Hypothesis formation and testing in the acquisition of representationally simple concepts

Philosophical Studies 172 (1):227-247 (2015)
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Abstract

Observations from philosophy and psychology heavily favor the Empiricist tenet that many lexical concepts are learned. However, many observations also heavily favor the Nativist tenet that such concepts are representationally atomic. Fodor Representations: Philosophical essays on the foundations of cognitive science, 1981, LOT2: The language of thought revisited, 2008) has famously argued that representationally atomic concepts cannot be learned, at least not learned by hypothesis formation and testing. Concept theorists who want to preserve observations about concept learning have developed acquisition models on which the acquired concepts are either non-atomic or are acquired by a process that doesn’t involve hypothesis formation and testing. I offer a model, Baptizing Meanings for Concepts, in which representationally atomic concepts are learned by hypothesis formation and testing. The concepts are learned by the agent’s hypothesizing the existence of a latent/hidden/imperceptible property in objects to explain the objects’ perceptible similarities. Once a hidden property is hypothesized, a new atomic mental name is assigned to it, and this atomic name becomes the concept. Any connections between the name and the representations involved in linking the name to its referent are stored as contingent. Further experience may give the agent reason to revise its hypotheses about latent properties as explanations for its observations. I discuss a software robot implementation of the BMC process that uses a Bayesian learning network. The implementation provides an existence proof of the possibility of learning representationally atomic concepts by hypothesis formation and testing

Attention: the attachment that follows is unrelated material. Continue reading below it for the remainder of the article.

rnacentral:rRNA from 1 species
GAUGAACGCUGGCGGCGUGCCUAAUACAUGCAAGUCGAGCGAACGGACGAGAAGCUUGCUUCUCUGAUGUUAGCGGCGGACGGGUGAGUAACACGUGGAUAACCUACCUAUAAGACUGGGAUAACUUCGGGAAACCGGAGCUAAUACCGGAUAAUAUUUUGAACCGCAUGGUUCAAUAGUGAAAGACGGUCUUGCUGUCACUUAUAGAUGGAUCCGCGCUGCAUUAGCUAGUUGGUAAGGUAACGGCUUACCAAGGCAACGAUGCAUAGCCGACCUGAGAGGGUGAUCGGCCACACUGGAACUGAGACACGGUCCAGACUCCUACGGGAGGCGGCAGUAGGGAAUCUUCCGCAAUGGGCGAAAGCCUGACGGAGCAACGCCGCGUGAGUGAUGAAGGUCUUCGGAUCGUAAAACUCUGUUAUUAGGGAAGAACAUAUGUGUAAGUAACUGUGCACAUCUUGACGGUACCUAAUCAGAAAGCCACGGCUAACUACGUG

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Iris Oved
University of Arizona

References found in this work

The Language of Thought.Jerry A. Fodor - 1975 - Harvard University Press.
Naming and Necessity: Lectures Given to the Princeton University Philosophy Colloquium.Saul A. Kripke - 1980 - Cambridge, MA: Harvard University Press. Edited by Darragh Byrne & Max Kölbel.
Causality: Models, Reasoning and Inference.Judea Pearl - 2000 - New York: Cambridge University Press.
The origin of concepts.Susan Carey - 2009 - New York: Oxford University Press.

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